White plate with a stack of square cute chewy tahini blondies on it against a bluish grey background. A cup of coffee with a partially eaten blondie is nearby.

WHAT IS A BLONDIE?

A blondie is kind of like the rich, caramelized, hints-of-molasses-flavored cousin of a brownie. You can make them chewy or cakey, simple or complex, but the universal component of a blondie is brown sugar. It’s what gives it the golden color and subtle molasses flavor.

WHAT IS TAHINI?

Tahini is a paste made from ground sesame seeds. It adds a creamy texture and subtle nutty flavor to recipes. When most people think of tahini, they think of hummus, but it’s an incredibly versatile ingredient that can be used in sauces, dressings, marinades, and baked goods like these Tahini Blondies.

SWAPS AND SUBSTITUTIONS

We think these blondies are perfect just the way they are, but baking is fun when you mix things up.

  • Swap the butter for oil to make them dairy-free.
  • Add 1/4 cup chocolate chips because, well, chocolate.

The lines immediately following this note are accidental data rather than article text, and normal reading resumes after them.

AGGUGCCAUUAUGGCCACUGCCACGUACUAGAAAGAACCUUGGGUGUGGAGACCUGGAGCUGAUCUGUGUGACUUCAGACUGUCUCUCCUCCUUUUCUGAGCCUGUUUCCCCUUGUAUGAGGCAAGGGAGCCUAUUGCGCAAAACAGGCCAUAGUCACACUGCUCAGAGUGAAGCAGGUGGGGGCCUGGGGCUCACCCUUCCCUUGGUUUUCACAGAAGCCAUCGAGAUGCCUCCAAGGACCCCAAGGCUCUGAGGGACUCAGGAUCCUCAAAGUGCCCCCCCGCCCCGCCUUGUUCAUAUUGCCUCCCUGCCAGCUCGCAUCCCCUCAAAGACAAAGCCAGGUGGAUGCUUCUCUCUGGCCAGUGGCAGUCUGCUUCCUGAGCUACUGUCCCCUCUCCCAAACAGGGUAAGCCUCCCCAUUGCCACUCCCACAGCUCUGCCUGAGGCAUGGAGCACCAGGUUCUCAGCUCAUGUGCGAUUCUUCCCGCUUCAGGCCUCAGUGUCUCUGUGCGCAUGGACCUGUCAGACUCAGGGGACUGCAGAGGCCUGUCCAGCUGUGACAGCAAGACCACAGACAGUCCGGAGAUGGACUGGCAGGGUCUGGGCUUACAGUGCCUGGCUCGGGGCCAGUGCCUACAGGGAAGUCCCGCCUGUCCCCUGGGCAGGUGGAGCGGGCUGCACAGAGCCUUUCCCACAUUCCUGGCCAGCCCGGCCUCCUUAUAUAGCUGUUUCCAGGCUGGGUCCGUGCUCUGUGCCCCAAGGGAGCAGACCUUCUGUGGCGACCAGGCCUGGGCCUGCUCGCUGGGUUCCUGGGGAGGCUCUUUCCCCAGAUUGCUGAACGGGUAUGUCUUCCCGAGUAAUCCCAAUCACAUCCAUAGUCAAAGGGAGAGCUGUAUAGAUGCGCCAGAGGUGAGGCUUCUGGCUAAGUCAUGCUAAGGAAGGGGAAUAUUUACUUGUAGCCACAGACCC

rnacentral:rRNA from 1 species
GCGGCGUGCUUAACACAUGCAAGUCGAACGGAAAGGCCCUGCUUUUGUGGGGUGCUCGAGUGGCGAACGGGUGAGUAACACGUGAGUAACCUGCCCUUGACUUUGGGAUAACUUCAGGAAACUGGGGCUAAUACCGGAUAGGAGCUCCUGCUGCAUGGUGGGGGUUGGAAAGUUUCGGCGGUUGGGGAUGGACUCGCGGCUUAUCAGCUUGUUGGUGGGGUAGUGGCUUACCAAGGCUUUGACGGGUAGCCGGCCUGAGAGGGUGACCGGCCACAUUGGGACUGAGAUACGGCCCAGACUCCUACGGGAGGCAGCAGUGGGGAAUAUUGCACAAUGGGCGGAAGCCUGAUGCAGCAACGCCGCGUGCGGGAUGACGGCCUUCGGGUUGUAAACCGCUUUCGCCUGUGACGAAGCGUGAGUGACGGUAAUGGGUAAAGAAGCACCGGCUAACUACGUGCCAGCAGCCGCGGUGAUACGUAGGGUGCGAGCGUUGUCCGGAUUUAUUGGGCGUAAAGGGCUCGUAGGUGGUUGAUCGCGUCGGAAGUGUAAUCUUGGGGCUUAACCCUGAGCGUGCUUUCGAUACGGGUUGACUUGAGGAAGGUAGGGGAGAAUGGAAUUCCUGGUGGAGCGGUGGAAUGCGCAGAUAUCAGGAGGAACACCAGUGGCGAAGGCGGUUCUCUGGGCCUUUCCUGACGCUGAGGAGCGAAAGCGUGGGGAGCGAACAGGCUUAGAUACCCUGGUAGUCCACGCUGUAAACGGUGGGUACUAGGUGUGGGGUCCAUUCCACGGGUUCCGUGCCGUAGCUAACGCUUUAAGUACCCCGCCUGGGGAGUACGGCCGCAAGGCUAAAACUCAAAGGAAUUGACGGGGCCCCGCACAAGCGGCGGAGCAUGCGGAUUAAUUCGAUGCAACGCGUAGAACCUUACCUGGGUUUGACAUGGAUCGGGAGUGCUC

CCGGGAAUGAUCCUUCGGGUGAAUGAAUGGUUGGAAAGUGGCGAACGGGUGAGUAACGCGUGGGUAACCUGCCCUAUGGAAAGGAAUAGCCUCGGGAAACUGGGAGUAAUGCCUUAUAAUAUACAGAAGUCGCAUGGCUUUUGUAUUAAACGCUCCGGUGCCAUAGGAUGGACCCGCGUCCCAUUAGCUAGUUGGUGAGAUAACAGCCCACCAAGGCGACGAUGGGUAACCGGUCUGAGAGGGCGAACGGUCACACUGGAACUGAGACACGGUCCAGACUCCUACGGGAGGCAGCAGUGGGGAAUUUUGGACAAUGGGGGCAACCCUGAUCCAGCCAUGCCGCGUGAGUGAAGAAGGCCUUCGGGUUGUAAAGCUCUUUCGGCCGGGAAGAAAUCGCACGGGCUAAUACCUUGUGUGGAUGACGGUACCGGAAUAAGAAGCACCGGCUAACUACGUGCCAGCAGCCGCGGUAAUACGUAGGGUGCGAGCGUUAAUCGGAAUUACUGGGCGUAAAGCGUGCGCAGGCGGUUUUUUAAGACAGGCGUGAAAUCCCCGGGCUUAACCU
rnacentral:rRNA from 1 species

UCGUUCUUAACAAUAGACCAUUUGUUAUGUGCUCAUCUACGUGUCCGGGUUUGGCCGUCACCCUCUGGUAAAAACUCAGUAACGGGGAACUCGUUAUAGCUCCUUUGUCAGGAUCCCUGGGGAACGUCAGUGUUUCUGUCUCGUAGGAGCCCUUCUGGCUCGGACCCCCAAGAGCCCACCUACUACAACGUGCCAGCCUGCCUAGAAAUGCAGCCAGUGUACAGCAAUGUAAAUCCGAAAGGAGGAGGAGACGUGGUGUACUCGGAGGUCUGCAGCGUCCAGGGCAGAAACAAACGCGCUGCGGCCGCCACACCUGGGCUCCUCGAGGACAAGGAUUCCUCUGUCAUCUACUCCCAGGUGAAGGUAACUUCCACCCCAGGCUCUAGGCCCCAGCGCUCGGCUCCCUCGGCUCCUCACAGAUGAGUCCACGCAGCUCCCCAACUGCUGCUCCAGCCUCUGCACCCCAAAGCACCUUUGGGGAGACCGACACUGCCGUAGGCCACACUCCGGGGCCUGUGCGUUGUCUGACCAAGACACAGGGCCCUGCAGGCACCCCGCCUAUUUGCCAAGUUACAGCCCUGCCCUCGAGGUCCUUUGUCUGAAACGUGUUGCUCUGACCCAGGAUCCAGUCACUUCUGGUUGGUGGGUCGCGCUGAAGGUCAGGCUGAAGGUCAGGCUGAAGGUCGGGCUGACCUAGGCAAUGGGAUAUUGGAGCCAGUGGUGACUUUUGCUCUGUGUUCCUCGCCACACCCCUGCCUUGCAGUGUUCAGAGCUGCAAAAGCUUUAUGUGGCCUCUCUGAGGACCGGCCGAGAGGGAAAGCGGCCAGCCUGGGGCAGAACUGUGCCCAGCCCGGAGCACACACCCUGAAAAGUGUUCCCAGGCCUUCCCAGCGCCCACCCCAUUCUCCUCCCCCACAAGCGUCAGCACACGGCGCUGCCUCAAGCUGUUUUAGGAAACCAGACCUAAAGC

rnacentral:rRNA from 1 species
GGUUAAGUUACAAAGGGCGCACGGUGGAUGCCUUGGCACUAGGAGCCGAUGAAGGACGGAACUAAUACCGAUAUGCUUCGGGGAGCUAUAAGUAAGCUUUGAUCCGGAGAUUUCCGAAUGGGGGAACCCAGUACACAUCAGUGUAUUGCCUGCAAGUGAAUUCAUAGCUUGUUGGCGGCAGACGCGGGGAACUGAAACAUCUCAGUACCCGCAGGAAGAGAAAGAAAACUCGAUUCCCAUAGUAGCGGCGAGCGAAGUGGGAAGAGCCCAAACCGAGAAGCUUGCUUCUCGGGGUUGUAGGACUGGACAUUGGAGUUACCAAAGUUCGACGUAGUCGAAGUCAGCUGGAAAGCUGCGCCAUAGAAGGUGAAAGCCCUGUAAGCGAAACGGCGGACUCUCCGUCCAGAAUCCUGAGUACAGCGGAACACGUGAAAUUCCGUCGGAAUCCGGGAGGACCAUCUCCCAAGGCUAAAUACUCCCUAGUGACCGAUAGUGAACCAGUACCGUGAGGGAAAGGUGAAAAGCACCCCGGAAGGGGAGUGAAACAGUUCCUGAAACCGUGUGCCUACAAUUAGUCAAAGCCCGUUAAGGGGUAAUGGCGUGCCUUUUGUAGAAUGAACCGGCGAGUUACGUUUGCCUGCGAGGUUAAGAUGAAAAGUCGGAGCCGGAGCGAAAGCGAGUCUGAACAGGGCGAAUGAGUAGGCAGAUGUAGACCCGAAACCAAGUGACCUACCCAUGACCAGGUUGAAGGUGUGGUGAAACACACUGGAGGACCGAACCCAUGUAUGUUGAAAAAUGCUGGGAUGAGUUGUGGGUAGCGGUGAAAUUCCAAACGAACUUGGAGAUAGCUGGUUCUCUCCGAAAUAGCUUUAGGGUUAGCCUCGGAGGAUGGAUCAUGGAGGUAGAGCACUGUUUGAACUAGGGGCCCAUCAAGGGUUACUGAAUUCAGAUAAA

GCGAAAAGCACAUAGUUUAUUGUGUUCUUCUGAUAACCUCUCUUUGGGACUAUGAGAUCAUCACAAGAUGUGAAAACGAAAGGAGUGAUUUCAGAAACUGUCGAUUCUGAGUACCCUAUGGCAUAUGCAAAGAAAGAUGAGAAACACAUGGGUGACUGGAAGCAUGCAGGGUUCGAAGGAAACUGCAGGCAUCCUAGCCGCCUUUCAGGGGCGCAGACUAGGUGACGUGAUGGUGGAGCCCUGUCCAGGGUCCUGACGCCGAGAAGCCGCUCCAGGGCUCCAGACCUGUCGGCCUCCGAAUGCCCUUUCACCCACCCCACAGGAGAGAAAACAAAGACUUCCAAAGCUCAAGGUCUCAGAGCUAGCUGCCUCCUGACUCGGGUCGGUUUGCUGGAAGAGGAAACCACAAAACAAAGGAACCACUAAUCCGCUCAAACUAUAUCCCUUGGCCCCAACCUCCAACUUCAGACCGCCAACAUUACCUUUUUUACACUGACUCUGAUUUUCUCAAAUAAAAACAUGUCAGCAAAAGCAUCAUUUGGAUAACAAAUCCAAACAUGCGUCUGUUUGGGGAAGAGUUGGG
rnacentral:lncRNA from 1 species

• Add 1/4 cup of toasted nuts.
  • If you can’t find sesame seeds, leave them out.
  • If you don’t have tahini, make a different blondie recipe.

CAN YOU FREEZE BLONDIES?

You can absolutely make these Tahini Blondies ahead and freeze them by layering the blondies between sheets of parchment and storing them in a ziptop bag or freezer safe container. Then grab one as a single serving treat when the mood strikes you!

MORE GREAT RECIPES WITH TAHINI!

LEARN MORE ABOUT ADEENA SUSSMAN AND ISRAELI COOKING

If you’re looking for more great recipes, check out Adeena Sussman’s book, Sababa: Fresh, Sunny Flavors from My Israeli Kitchen. Autographed copies are available in our Simply Recipes Shop.